by Lucinda Staniland
If you try to sell me something, I will always approach it with a healthy dose of skepticism.
And for good reason. In our consumerist world, I am constantly bombarded with “life-changing” devices and programs, many of which fall more than a little short of their magnificent marketing claims.
In my experience, it ALWAYS pays to ask: What is the history of use behind this product? Who is making and marketing it and what motivates them? Are their claims evidence-based? And, if I choose to engage with a product or service, what is my personal experience of it and does it actually work for me?
So when Valka Yoga asked me to review their copper tongue scraper, you can be sure that I had a LOT of questions.
What IS this thing? Does it really work? Is there any historical and scientific evidence to back that up?
Valka Yoga make some big claims about their product:
“Using a tongue scraper to clean the tongue first thing every morning is the most effective way to remove the bacteria that collects on top of the tongue each night causing bad breath.
Copper has powerful anti-bacterial properties.
Tongue scraping also has some subtle healing actions that relate to the vital organs and digestive tract”
So I set off to investigate the history and science of copper tongue scrapers, as well as testing it out on myself.
What I discovered surprised me.
First off, is copper actually anti-bacterial?
I quickly discovered that the anti-microbial properties of copper have, in fact, been extensively studied. Copper has repeatedly been proven to kill many kinds of bacteria, including really nasty ones such as E.coli, MRSA, Norovirus, and Influenza on contact, although the exact mechanisms of how it does this are not yet fully understood.
As a result, copper is now being used in hospitals, gyms, airports, theme parks, train stations, and gyms all over the world to reduce infection rates. In hospitals, a recent study found that infection rates were reduced by 58% for patients in rooms fitted with components made of copper instead of standard materials such as stainless steel.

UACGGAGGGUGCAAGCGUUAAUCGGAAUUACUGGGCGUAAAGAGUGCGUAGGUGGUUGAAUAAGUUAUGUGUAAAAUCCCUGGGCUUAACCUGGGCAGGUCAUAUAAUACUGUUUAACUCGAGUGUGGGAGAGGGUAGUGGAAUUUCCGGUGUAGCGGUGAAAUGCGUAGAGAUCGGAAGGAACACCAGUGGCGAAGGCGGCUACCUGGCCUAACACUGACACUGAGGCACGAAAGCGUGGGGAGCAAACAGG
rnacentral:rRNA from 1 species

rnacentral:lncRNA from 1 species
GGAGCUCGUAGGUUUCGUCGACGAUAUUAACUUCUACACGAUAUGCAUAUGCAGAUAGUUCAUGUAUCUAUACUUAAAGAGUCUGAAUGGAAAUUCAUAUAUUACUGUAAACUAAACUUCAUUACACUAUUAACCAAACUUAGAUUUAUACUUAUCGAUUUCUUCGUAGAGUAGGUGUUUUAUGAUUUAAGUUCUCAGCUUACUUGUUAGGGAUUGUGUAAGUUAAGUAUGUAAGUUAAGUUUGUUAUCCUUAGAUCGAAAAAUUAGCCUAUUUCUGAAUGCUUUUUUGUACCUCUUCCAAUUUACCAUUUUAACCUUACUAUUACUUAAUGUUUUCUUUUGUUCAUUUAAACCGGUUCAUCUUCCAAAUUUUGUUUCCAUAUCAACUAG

Humans have had a long relationship with copper. It is considered to have been the first metal to become part of human history and historical evidence indicates that it has been used by humans for more than 10,000 years. Many ancient cultures particularly appreciated the medicinal and microbe killing properties of copper, including the Egyptians, the Romans, the Greeks, the Aztecs and the Ayurvedic tradition of India.
Conclusion? There is a significant scientific and historical precedent for the use of copper to kill bacteria and other microbes.
And does tongue cleaning really result in better oral and whole-body health?
The scientific evidence for tongue cleaning is not quite as clear cut, but it’s also not an area that has received a lot of attention. Currently, the evidence that tongue cleaning is beneficial is what researchers like to describe as “tentative”. Basically, more data is needed.
In terms of oral health, the consensus seems to be that tongue cleaning reduces bacterial load on the tongue and results in short-term improvements to bad breath. Whether or not it reduces the incidence of dental plaque is unclear, and results have varied between studies.
There is preliminary evidence to suggest that tongue cleaning may have other, more systemic effects on the whole body. A 2019 study found that daily tongue cleaning may improve cardiovascular health and ‘help fight the aging process”, as it favors an increase in ‘good’ bacteria that generate nitric oxide, a molecule that helps to maintain healthy blood pressure, prevent cardiovascular disease and may be important in regulating the aging process.
More general research on oral health has found that the health of the mouth is connected to the health of the entire body. Recent research suggests that poor oral health is associated with an increased risk of developing Alzheimer’s disease, heart disease, and autoimmune disease.